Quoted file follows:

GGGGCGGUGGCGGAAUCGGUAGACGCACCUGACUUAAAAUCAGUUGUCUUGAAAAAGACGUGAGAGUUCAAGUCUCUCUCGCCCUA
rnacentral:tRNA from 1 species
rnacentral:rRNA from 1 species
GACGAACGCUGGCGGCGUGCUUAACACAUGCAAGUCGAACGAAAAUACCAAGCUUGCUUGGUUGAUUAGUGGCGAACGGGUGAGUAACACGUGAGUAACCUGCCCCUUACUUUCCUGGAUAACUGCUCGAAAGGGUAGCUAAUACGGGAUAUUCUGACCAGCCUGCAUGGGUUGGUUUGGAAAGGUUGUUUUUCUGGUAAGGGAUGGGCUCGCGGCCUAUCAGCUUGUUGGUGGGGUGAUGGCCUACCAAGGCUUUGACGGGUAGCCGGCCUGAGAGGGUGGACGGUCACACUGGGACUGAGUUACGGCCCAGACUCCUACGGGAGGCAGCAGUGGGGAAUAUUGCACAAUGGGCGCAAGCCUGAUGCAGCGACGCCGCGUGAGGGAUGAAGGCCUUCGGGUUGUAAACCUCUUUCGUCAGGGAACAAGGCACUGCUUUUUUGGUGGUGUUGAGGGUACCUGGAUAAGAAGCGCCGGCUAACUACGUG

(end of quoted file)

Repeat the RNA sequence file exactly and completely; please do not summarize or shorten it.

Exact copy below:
GGGGCGGUGGCGGAAUCGGUAGACGCACCUGACUUAAAAUCAGUUGUCUUGAAAAAGACGUGAGAGUUCAAGUCUCUCUCGCCCUA
rnacentral:tRNA from 1 species
rnacentral:rRNA from 1 species
GACGAACGCUGGCGGCGUGCUUAACACAUGCAAGUCGAACGAAAAUACCAAGCUUGCUUGGUUGAUUAGUGGCGAACGGGUGAGUAACACGUGAGUAACCUGCCCCUUACUUUCCUGGAUAACUGCUCGAAAGGGUAGCUAAUACGGGAUAUUCUGACCAGCCUGCAUGGGUUGGUUUGGAAAGGUUGUUUUUCUGGUAAGGGAUGGGCUCGCGGCCUAUCAGCUUGUUGGUGGGGUGAUGGCCUACCAAGGCUUUGACGGGUAGCCGGCCUGAGAGGGUGGACGGUCACACUGGGACUGAGUUACGGCCCAGACUCCUACGGGAGGCAGCAGUGGGGAAUAUUGCACAAUGGGCGCAAGCCUGAUGCAGCGACGCCGCGUGAGGGAUGAAGGCCUUCGGGUUGUAAACCUCUUUCGUCAGGGAACAAGGCACUGCUUUUUUGGUGGUGUUGAGGGUACCUGGAUAAGAAGCGCCGGCUAACUACGUG